Also factor in the planting date. As long as you can get it done by late April or early May (in Arkansas), you should be good. If you plan to go that route, be certain that you destroy the old stand completely, as it will compete with your replants.
How late can I plant and still get maximum yields?
In Arkansas, for corn, this date is between April 25-30. This date will depend on your location.
Terry Basol of Wallaces Farmer says it’s important to look at your yield potential and the cost of replanting if you don’t get a good stand the first time around. You should be scouting your fields three or four weeks after planting. Every year there are probably areas of your fields that you might question- it’s not uncommon. How can you decide whether or not to replant?
The first thing that you need to do is to calculate your corn population. You can do this by referring to Table 1- count the number of plants in a row and multiply by 1,000 to determine the population per acre.
Do these calculations in at least six different areas of your fields. Increase your accuracy by honest assessment. Don’t leave out areas that have gaps.
There are two common reasons that grown growers consider replanting. First, you may have non-uniform emergence. If plant populations are reasonable, it’s not usually advisable to replant these areas. However, if half of your plants are two leaves behind the growth stage of the rest of the plants in your field, your yields could be reduced 5-10%.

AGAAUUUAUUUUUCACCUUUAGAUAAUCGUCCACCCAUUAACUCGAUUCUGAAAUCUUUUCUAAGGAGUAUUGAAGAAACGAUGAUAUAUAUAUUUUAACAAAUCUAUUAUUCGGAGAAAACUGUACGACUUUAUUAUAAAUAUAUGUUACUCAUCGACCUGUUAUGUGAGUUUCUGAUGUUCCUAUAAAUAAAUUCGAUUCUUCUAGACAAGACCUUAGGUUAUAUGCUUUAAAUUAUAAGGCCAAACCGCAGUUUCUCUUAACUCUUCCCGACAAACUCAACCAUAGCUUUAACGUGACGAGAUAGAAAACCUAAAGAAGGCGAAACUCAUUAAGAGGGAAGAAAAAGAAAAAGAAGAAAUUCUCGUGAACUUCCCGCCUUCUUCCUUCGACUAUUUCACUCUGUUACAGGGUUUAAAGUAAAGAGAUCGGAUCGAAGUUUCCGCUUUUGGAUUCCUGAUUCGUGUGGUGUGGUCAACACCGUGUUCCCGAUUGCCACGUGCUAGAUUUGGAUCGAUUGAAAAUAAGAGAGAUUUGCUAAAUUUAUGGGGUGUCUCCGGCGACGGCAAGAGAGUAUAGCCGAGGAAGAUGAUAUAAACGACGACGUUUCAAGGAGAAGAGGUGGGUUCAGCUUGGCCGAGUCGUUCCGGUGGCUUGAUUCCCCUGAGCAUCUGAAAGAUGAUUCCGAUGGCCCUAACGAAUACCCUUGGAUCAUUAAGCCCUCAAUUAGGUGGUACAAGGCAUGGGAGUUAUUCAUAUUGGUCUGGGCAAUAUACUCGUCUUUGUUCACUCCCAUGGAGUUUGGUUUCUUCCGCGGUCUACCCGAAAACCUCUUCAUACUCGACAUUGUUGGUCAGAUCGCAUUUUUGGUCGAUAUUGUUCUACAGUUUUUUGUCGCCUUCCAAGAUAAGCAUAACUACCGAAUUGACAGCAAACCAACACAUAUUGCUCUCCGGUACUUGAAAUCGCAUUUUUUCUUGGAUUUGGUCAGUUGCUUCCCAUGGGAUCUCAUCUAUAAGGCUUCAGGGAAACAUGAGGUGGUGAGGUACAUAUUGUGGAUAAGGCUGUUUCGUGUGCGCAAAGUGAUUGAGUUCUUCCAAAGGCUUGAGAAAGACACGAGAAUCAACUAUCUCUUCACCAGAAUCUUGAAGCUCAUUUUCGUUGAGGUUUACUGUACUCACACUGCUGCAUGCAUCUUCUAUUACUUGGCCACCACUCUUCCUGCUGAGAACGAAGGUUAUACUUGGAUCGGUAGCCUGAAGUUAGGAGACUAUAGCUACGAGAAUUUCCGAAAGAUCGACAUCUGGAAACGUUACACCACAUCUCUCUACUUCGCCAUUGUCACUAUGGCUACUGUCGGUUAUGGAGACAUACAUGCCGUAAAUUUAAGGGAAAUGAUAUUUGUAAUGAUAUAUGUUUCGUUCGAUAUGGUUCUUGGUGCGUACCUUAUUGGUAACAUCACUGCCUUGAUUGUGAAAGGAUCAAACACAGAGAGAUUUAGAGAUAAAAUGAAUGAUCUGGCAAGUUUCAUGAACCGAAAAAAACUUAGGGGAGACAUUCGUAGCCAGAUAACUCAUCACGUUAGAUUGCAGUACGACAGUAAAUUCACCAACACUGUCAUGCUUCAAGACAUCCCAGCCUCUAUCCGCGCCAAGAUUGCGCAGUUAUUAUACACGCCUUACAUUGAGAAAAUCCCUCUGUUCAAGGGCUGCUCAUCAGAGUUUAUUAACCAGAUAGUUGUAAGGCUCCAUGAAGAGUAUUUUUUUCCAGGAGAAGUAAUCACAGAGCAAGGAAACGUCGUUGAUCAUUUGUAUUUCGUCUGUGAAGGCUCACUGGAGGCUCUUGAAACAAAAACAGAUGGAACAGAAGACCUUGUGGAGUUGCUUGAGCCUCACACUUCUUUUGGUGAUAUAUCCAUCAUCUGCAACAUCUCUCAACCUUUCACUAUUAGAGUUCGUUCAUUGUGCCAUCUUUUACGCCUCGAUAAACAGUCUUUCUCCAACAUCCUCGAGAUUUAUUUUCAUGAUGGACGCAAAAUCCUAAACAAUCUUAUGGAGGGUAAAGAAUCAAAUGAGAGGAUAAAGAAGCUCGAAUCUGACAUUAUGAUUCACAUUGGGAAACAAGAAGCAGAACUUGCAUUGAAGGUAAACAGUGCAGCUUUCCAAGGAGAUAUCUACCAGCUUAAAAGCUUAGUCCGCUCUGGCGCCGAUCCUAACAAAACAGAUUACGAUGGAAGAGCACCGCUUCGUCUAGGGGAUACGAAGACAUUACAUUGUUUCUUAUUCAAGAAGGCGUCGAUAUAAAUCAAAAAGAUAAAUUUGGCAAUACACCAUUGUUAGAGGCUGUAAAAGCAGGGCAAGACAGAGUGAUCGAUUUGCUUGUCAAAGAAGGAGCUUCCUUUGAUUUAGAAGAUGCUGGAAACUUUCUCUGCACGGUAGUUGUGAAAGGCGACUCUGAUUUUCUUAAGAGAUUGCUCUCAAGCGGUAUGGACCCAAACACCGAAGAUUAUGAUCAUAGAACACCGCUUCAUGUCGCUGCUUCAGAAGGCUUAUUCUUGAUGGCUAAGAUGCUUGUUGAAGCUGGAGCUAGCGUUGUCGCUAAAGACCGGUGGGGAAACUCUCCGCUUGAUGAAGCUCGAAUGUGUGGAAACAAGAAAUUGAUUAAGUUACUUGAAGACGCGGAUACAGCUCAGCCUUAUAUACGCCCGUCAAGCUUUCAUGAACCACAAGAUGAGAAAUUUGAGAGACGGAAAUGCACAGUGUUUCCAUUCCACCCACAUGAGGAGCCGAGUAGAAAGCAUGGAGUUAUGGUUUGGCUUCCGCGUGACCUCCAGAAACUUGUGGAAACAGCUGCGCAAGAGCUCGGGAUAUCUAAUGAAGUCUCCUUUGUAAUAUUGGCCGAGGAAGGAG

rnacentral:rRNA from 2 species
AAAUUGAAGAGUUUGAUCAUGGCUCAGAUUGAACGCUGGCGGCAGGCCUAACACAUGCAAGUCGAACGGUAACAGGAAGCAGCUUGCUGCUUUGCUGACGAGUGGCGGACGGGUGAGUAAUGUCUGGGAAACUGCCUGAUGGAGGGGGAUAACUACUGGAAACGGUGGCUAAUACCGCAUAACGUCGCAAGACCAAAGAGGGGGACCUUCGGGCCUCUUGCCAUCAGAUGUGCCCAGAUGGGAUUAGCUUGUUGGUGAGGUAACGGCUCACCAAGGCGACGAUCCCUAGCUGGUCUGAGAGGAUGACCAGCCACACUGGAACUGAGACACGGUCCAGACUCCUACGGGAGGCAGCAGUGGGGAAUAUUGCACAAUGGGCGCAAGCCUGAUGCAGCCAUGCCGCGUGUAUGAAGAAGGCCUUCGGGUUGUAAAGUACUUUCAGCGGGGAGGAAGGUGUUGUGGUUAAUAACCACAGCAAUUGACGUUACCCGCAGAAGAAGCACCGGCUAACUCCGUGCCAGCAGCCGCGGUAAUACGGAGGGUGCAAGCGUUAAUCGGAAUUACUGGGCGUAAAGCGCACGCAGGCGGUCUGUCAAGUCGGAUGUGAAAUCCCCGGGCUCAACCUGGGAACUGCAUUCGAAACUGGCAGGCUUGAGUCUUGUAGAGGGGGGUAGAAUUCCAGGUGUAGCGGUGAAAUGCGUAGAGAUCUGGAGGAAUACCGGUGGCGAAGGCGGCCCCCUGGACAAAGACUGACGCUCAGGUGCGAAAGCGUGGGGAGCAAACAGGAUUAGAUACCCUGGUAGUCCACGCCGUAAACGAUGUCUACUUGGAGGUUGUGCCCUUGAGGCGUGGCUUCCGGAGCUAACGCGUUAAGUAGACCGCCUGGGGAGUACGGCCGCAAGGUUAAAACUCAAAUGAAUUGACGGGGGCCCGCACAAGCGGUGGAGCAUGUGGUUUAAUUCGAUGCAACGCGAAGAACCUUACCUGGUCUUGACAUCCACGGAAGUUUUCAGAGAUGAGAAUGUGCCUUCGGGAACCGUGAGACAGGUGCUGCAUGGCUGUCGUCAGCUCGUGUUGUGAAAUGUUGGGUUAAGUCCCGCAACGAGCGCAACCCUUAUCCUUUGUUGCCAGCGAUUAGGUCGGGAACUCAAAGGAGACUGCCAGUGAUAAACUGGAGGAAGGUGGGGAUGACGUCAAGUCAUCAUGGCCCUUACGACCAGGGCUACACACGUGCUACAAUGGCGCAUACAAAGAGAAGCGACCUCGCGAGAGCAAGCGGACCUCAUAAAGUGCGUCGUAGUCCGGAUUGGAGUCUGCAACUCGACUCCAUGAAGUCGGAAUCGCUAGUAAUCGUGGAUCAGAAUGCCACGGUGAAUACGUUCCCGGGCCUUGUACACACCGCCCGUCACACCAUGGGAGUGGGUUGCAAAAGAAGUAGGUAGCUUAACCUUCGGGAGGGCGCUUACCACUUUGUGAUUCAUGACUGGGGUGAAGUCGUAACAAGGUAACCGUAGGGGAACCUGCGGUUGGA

If several 4- to 6-foot gaps occur within the row, yields will be reduced an additional 5% relative to a uniform stand. Stand gaps of 16 to 33 inches will only reduce yield by 2%.
For a more accurate calculation tool, check the ISU Extension’s Integrated Crop Management website.
The second reason corn growers may consider replanting is if your population is low. It’s not always easy to determine why this may have occurred. Sometimes it’s necessary to dig plants out of the ground so you can take a good look at the roots. Similar to Coulter’s article above, you may want to look into a few factors.
Causes of Poor Stand
- Seed quality and viability. Check your seed tag to double check the germination ratings- they might not be as good as you thought.
- Insects. You may have cutworms, armyworms, white grubs or wireworms.
- Diseases. Sometimes diseases like seed rot, seedling blight or root rot can be caused by different fungi. The longer the seed is in the ground, the more susceptible they are to infection. Germination is slow when temperatures are below 55 degrees Fahrenheit, thus making disease more likely.
- Soil compaction and crusting. If there’s sidewall compaction or crusting, fewer seedlings may emerge.
- Soil temperatures. Cold soil can be more prevalent in no-till fields- and especially those with heavy corn residue. In addition, if the soil is cold within 48 hours of planting, this can cause imbibitional chilling, and result in a poor stand.
Once you’ve figured out your stand, you need to calculate your yields. Coulter provided Table 2, which summarizes the relationship between planting date and population.
You can also use Table 2 to calculate your potential replant yields. Don’t forget to calculate the cost of replanting- consider tillage, seed, fuel, pesticides, and labor as added costs. Fall frost may also be a factor. Talk to your seed dealer to see if there are any early-maturing hybrids are available. There may also be rebates or price reductions available.
Tables courtesy of Wallaces Farmer